Battle for the Light
In Southern Asia’s lush forests one remarkable group of trees cast their pervasive shadows over the extraordinary array of plants and animals living below.
At the Equator dawn arrives with astonishing speed. In the rainforests of Sumatra and Borneo, it’s the tops of giant dipterocarp trees which catch the first rays of intense sunlight. After 12 hours darkness the abrupt return of the light is greeted by the operatic displays of the gibbons; just part of a dawn chorus as varied and overpowering as any on the planet.
Nurtured by equatorial heat and year-round rainfall, the forest stretches up to 80 metres tall. The huge canopy trees have straight pillar-like trunks and umbrella-shaped crowns, which influence all the lives below. Not only do these “selfish giants” catch much of the sunlight and monopolise the nutrients from the forest floor; their leaves produce poisons making them unpalatable. So their massive resources are locked away from most forest creatures. What’s more the gaps between their gigantic trunks create aerial canyons that must be crossed – in astounding ways. These forests are home to acrobatic apes, leaping lizards and gliding squirrels – all precisely adapted to travelling amongst the forest giants. The much heavier orangutans must use their strength to flex saplings and pole vault across the gaps.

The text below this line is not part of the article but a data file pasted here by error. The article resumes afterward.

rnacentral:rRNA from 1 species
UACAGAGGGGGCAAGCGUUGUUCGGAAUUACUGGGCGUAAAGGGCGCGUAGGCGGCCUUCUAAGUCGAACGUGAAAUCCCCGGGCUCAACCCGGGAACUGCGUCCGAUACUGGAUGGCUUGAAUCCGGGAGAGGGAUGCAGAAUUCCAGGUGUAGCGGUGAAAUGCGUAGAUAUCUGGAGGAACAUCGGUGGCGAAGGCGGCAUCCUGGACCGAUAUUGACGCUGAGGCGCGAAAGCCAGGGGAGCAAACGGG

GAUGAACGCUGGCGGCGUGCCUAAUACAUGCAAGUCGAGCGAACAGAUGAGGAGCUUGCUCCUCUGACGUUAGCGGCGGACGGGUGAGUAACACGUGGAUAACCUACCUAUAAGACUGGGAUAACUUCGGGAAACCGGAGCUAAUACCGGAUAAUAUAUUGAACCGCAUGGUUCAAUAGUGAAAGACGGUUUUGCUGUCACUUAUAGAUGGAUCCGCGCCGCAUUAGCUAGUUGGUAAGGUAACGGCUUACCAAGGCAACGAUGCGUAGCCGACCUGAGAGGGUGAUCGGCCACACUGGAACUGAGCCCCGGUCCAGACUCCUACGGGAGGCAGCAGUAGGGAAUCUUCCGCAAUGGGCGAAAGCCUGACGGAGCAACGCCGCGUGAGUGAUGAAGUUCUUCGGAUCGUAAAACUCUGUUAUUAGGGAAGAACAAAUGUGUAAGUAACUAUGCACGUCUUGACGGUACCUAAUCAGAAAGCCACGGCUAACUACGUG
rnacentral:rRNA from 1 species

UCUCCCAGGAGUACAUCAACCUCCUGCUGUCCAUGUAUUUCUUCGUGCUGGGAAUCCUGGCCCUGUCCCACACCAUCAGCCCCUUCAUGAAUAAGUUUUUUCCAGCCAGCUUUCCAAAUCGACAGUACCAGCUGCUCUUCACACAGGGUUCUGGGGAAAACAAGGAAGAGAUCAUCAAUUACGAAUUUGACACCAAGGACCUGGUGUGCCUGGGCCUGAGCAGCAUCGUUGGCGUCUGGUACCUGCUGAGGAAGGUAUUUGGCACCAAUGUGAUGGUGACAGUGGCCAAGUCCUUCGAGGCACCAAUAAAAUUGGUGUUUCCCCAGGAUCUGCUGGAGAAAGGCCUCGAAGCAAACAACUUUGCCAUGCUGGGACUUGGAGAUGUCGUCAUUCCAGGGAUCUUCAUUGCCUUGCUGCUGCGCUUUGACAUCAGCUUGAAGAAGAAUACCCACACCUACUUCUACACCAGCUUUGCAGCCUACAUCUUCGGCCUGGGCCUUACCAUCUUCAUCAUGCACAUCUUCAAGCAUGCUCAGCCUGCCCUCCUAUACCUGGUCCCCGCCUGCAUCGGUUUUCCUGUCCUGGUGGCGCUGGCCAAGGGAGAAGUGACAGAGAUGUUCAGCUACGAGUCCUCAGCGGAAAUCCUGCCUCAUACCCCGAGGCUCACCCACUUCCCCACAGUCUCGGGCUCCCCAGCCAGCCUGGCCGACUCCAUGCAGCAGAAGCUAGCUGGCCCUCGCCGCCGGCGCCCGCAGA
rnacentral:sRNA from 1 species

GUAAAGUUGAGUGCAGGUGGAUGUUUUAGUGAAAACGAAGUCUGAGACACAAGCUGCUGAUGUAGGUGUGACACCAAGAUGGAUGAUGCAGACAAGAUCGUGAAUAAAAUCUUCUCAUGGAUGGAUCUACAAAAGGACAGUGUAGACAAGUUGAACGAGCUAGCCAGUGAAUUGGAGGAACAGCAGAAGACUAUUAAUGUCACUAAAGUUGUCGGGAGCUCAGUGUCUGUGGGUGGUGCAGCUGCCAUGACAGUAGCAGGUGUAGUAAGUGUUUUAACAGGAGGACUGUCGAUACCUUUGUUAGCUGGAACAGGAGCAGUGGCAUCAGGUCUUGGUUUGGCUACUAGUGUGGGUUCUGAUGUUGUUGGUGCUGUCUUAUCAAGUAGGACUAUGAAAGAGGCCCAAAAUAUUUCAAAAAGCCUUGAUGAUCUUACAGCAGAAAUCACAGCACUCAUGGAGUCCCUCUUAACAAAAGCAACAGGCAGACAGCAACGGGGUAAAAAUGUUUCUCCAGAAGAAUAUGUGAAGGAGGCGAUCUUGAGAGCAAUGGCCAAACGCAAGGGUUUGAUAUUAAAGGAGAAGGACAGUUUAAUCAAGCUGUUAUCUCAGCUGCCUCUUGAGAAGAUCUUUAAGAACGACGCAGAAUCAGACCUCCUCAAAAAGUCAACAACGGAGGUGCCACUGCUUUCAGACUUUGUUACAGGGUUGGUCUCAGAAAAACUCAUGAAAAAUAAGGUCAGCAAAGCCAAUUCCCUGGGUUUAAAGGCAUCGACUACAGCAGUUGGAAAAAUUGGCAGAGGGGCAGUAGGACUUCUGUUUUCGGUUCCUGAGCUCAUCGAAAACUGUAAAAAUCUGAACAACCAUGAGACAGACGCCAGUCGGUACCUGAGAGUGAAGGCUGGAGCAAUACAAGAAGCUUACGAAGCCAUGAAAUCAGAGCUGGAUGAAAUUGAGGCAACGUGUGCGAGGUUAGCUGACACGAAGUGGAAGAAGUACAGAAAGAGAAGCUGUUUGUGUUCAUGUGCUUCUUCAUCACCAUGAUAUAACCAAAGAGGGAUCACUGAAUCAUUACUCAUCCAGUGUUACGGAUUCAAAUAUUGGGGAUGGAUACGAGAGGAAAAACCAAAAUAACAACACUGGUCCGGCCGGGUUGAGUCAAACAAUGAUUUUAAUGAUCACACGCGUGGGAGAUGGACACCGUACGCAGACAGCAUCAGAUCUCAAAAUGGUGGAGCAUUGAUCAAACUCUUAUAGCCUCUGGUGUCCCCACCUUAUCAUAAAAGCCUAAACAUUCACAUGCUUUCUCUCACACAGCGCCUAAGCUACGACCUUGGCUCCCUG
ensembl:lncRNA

Beneath the dipterocarps, fruiting trees proliferate using very different tactics. Tropical fig trees invest their extra energy to produce a rich harvest, feeding a procession of birds and primates in return for some seed scattering. Equatorial Asia is home to many tasty and pungent smelling fruits like the infamous durian, whose odour attracts orangutans and elephants from great distances. A rain of
half-eaten smaller fruits, dropped by monkeys, benefits a surprising range of forest floor dwellers – from bearded pigs to the rare Sumatran rhino and even fresh water fish. The abundance of the fruit scavengers in turn provide prey for the shy fishing cat and the mighty tiger.
For bottom-dwelling plants, the greatest struggle is to obtain enough light on the gloomy forest floor. Only 2 percent of the powerful equatorial sunlight makes it this far.
Forest floor plants are superbly adapted to capture the weakest rays of scattered light. Once a forest giant falls, creating a light gap, the battle for light becomes more obvious. Dormant seedlings spring in to action, surging upwards until new foliage closes the light gap. The window of opportunity passes.
After dark the dipterocarp forest’s most mysterious resident emerges. The colugo has strange elastic skin membranes between its limbs and tail, enabling it to glide 120 metres, easily crossing forest gaps and avoiding ground predators. Not only has it conquered the aerial canyons, the colugo appears to have conquered the selfish giants poisons as well, feeding on tender leaf tips and sap from their mighty trunks. Perhaps the colugo is the creature best adapted to life in the shadows of the forest giants of equatorial Asia.